2022, July 12: Horned Venus, Handled Moon

Advertisements

July 12, 2022:  As part of the pre-dawn planet parade with Mars, Jupiter, and Saturn, Venus is near the horns of Taurus.  After sundown, the bright moon is in the handle of the Teapot.

Chart Caption – 2022, July 12: Venus is with Taurus low in the east-northeast before sunup. Mars is far to the upper right.

PODCAST FOR THIS ARTICLE

by Jeffrey L. Hunt

Chicago, Illinois:  Sunrise, 5:27 a.m. CDT; Sunset, 8:26 p.m. CDT.  Check local sources for sunrise and sunset times for your location.

Morning Sky

SUMMARY OF PLANETS IN 2022 MORNING SKY

This morning, Venus passes 6.3° to the lower right of Elnath – the northern horn of Taurus. The brilliant morning star is about 9° above the east-northeast horizon at an hour before daybreak.  It continues to step eastward through the Bull as it is about to pass between the horns.

A binocular may be needed to see the dimmer background stars.  Brighter Aldebaran, shown on celestial artwork as a Bull’s eye, is nearly 15° up in the east and 13.8° to the upper right of Venus.  The star and the Hyades star cluster make a sideways “V” for the animal’s head.  Use a binocular to initially find this shape. The two long horns stretch northward along the horizon.  Elnath is nearly 14° up in the sky to the upper left of Venus.  The southern horn, Zeta Tauri (ζ Tau on the chart) is 2.3° to the lower left of the Morning Star.  Use a binocular to see Zeta.

Don’t confuse Venus with Capella, the bright star that is about 25° up in the northeast and nearly 24° to the upper left of Venus.

The Pleiades star cluster is about the same altitude as Capella.  It is above the head of the Bull in the eastern sky.

Mars is marching generally toward the Pleiades.  The Red Planet is less than halfway up in the east-southeast and about 25° to the upper right of the star cluster.  Mars passes the Pleiades in about a month.

Even with Mars’ seemingly consistent eastward march, Venus steps eastward at a faster pace.  The Venus – Mars gap is 48.2°.  The gap among the four morning planets widens for all of them.  Venus is stepping away from the other three.  Mars marches away from Jupiter.  Jupiter is slowing its eastward pace, but the gap to Saturn widens.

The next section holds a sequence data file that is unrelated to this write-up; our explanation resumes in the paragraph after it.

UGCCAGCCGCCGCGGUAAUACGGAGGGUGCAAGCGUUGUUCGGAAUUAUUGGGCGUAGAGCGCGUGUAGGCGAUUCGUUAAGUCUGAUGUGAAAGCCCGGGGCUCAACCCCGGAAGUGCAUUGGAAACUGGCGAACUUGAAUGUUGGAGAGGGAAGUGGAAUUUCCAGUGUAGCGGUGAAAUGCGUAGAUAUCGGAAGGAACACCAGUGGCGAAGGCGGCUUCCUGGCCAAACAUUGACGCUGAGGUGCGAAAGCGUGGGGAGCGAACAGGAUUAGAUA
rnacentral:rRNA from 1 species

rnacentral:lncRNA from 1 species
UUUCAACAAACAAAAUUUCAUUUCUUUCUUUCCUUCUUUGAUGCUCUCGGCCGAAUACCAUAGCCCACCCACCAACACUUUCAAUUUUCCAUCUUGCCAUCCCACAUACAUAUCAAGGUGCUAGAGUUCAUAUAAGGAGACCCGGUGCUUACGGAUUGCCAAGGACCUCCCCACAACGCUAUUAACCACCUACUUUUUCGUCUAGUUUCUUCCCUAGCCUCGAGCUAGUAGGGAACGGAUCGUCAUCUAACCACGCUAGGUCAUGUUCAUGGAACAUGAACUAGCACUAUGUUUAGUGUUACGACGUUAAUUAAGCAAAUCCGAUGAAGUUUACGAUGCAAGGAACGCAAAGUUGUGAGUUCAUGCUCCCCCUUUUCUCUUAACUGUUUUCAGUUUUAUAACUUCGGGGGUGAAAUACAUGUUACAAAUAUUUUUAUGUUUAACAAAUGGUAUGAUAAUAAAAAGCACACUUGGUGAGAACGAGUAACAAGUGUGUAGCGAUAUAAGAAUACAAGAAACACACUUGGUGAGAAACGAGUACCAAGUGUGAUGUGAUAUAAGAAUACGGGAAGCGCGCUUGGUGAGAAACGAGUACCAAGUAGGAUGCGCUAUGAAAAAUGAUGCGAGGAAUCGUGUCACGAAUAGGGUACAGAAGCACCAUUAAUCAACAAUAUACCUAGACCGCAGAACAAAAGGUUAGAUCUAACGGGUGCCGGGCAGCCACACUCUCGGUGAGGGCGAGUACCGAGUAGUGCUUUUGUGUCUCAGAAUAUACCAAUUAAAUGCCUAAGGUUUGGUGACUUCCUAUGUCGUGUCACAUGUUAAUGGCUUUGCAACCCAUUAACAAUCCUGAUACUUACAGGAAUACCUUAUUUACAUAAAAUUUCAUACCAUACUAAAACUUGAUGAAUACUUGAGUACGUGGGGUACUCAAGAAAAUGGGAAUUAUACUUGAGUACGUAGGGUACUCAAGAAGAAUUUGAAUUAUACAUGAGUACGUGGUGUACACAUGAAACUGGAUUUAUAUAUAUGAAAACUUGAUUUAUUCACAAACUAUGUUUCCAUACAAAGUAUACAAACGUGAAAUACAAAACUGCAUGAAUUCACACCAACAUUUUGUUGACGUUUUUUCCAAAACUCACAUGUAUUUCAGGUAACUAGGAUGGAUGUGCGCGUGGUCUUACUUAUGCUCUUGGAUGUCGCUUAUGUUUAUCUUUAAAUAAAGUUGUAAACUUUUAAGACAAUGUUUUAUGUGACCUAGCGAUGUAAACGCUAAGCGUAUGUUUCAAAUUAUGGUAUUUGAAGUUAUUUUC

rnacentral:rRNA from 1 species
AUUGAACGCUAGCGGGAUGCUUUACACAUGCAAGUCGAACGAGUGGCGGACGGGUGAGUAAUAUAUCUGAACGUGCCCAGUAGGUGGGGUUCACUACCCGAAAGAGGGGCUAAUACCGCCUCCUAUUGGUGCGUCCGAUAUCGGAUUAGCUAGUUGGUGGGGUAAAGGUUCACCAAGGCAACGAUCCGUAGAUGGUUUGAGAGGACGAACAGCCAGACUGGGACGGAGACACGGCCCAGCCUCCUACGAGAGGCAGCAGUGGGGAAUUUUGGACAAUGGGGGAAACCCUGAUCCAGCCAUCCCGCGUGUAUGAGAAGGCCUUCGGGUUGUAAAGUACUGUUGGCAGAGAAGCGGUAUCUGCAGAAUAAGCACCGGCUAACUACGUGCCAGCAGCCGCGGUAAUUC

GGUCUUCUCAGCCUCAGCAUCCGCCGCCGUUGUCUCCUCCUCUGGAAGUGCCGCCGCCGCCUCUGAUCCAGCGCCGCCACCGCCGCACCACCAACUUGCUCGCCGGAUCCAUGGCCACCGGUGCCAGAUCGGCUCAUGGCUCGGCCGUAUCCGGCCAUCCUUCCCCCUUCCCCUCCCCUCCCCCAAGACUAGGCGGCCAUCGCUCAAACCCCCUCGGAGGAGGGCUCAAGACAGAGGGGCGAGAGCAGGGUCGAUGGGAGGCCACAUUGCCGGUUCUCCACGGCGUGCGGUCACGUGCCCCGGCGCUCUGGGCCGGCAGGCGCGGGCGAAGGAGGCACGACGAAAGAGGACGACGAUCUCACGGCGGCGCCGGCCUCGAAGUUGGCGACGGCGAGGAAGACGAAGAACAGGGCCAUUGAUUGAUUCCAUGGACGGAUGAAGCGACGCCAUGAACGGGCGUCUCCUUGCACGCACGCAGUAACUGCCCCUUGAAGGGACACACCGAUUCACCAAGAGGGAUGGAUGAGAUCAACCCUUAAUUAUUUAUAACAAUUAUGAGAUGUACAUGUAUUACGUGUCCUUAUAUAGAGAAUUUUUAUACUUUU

2022, July 12: Bright Jupiter and Mars are in the southeastern sky before daybreak.

Mars is about two-thirds of the way from Venus to Jupiter.  That gap is nearly 75°.

Bright Jupiter, over 45° above the southeast horizon, is nearly 27° to the upper right of Mars. The Jovian Giant is moving slowly eastward in Cetus.  Later in the month, it begins to retrograde.

2022, July 12: Saturn retrogrades in eastern Capricornus before sunrise.

The fourth morning planet is Saturn.  It is the dimmest of the four bright morning planets.  The Ringed Wonder is less than one-third of the way up in the sky above the south-southwest horizon.  It is retrograding in eastern Capricornus, near the star Deneb Algedi.

Do not confuse Saturn with the star Fomalhaut – meaning “the mouth of the southern fish” – that is low in the south, over 20° to the lower left of Saturn.

The Venus – Saturn gap is nearly 120° and widening each morning.  When the two planets are 180° apart in the sky next month, Saturn sets as Venus rises, leaving three bright planets in the sky simultaneously, either Venus or Saturn with Jupiter and Mars.

Evening Sky

2022, July 12: As night falls, the bright moon is among the stars of Sagittarius.

As night falls the bright, nearly Full moon is in the south-southeast.  While its brightness overwhelms the dimmer stars, it is in the handle of the Teapot of Sagittarius.  Use a binocular to see the starfield around the moon.  The bright star Antares is over 30° to the upper right of the lunar orb.

RECENT PODCASTS

RECENT ARTICLES



Categories: Astronomy, Sky Watching

Tags: , , , , , , , , , , , , , , , , , ,

Leave a Reply Cancel reply

%%footer%%